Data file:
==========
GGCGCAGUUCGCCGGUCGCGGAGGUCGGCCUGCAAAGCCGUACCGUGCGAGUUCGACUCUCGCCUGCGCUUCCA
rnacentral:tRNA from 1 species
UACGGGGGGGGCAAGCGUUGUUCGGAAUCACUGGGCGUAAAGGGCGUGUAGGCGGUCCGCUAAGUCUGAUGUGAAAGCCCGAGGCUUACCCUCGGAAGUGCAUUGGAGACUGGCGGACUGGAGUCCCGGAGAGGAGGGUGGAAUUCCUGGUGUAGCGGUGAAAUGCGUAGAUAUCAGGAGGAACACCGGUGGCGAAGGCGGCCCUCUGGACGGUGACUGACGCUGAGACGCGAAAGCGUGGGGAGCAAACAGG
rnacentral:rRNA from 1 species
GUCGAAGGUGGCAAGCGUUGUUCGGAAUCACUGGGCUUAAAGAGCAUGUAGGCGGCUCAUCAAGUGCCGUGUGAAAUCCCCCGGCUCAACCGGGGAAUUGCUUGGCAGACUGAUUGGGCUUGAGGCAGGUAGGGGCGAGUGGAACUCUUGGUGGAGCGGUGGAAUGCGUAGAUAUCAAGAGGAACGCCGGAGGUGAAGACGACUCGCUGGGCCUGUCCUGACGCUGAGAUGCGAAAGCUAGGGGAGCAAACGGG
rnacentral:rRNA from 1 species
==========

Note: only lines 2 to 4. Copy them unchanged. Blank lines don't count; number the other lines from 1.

rnacentral:tRNA from 1 species
UACGGGGGGGGCAAGCGUUGUUCGGAAUCACUGGGCGUAAAGGGCGUGUAGGCGGUCCGCUAAGUCUGAUGUGAAAGCCCGAGGCUUACCCUCGGAAGUGCAUUGGAGACUGGCGGACUGGAGUCCCGGAGAGGAGGGUGGAAUUCCUGGUGUAGCGGUGAAAUGCGUAGAUAUCAGGAGGAACACCGGUGGCGAAGGCGGCCCUCUGGACGGUGACUGACGCUGAGACGCGAAAGCGUGGGGAGCAAACAGG
rnacentral:rRNA from 1 species